Aim stocks also benefit from generous tax reliefs which make them ideal for some investors. Some Aim shares are exempt from inheritance tax (IHT) if held for more than two years and can be included in stocks and shares Isas. They are also free from the 0.5pc stamp duty charged on newly-issued shares.
It all seems positive for investors: less red tape, better tax efficiency and good companies where returns can be astronomical as businesses grow from fledgling family-run outfits to household names. Let’s call fans of this reasoning “Team Boohoo”, for reasons which, if not already obvious, will become clear.
Without wanting to be the voice of reason at a booming party, sometimes reporting requirements and corporate governance codes give shareholders the information they need to see whether a business is being run well. For every company that makes it there are more than a handful that don’t. Aim has historically been littered with companies whose governance or accounting hasn’t been up to scratch. Proponents of this argument will be known as “Team Patisserie Valerie”.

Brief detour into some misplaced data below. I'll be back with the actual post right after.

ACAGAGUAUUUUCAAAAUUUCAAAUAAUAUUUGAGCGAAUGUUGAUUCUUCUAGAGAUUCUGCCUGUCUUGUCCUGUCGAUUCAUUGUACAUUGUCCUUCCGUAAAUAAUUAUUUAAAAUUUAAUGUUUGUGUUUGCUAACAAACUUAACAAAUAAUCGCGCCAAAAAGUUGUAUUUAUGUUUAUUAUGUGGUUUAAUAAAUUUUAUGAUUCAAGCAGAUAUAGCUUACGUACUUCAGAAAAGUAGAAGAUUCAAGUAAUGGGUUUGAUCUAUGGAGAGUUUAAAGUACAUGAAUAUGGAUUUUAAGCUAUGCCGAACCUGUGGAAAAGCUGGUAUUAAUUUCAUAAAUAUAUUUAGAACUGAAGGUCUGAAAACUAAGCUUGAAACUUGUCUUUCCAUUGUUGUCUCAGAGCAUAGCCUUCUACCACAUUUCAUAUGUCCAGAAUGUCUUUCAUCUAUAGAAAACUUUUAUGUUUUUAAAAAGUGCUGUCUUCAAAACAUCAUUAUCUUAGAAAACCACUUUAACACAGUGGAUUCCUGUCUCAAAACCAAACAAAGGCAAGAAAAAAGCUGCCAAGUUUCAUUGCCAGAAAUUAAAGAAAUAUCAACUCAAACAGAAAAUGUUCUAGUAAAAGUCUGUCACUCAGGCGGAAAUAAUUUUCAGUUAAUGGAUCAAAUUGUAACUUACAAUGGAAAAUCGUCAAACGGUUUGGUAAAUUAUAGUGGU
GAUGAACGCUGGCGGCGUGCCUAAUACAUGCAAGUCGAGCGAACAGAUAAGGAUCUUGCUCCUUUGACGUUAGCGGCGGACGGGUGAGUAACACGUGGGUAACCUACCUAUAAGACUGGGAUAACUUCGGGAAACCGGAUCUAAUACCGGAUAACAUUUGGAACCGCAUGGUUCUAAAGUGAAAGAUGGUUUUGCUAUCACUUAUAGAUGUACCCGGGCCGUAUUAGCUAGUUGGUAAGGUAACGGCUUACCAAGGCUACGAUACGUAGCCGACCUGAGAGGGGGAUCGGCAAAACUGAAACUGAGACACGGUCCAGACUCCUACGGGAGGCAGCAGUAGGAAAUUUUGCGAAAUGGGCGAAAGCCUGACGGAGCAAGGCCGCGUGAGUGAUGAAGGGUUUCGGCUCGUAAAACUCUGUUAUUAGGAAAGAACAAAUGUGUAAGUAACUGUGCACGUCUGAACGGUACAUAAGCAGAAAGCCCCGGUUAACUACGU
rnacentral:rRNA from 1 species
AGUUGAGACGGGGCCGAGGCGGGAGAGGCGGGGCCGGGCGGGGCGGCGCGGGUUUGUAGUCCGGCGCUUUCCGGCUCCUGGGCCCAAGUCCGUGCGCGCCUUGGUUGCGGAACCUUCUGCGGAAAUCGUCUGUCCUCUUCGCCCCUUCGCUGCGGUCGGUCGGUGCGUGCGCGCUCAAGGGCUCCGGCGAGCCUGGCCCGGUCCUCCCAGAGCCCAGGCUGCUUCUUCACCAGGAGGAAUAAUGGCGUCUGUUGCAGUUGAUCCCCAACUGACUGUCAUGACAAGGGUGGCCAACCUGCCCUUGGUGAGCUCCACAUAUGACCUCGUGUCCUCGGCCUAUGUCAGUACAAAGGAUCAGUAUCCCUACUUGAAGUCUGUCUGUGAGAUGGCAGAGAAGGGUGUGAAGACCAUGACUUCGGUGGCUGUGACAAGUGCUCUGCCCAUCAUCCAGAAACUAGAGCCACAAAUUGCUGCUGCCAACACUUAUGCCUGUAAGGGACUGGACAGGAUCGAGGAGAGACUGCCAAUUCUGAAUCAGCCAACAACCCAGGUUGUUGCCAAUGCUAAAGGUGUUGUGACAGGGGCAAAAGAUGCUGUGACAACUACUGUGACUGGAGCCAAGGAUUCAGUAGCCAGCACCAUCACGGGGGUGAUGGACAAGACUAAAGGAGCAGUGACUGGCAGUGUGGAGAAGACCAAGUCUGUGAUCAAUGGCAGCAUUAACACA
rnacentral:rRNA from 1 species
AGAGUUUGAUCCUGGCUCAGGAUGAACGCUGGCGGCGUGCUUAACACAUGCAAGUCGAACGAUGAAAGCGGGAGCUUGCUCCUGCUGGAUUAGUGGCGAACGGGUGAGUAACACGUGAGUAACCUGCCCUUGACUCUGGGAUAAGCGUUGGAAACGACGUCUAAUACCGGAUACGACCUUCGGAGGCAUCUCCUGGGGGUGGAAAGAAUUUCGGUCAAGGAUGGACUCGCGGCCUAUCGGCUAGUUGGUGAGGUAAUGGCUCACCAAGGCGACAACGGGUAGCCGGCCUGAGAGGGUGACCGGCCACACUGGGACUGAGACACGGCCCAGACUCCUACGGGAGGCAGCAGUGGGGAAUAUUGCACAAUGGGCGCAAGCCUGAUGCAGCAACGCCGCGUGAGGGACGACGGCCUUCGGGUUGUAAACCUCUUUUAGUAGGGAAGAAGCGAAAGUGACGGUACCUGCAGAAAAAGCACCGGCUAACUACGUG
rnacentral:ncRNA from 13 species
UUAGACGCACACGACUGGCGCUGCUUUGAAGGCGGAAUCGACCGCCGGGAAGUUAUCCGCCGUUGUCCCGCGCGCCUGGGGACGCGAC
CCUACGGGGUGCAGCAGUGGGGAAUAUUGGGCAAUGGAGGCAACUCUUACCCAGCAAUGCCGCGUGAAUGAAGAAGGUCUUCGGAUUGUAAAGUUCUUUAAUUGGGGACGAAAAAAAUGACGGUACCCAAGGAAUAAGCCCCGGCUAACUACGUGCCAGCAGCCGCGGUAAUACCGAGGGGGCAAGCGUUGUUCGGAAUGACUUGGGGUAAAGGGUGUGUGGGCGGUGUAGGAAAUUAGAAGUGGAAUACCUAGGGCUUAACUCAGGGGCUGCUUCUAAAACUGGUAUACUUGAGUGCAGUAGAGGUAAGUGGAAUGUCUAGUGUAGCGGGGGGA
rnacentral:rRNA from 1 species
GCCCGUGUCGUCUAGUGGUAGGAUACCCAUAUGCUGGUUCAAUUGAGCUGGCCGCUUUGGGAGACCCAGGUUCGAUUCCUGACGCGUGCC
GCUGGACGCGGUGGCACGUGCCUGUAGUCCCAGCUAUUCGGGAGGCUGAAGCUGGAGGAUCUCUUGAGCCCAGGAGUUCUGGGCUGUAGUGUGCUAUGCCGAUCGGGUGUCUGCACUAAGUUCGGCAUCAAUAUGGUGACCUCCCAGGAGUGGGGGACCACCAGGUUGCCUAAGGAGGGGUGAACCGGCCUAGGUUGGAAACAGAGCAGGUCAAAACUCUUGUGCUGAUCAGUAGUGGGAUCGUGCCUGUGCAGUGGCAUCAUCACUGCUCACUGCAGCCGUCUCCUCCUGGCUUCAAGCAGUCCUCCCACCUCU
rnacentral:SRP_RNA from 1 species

A look at averages tells you Aim investing is not worth the hassle. Since data started being collected in 1998, Aim stocks have on average returned 9pc. A tracker fund following the FTSE All Share index, a benchmark of the main British stock market, would have bagged a 172pc return. So why bother, Team Pat Val asks? A pertinent question.
As ever, the answer is in the middle. The Aim darlings of the moment – ignoring those that have already made the jump to the main market – are outstanding British companies and worthwhile investments. Since listing, Boohoo, an online clothes retailer, has turned £1,000 worth of shares into more than £5,500. Blue Prism, a software company, has converted the same starting amount into nearly £11,000 in just four years.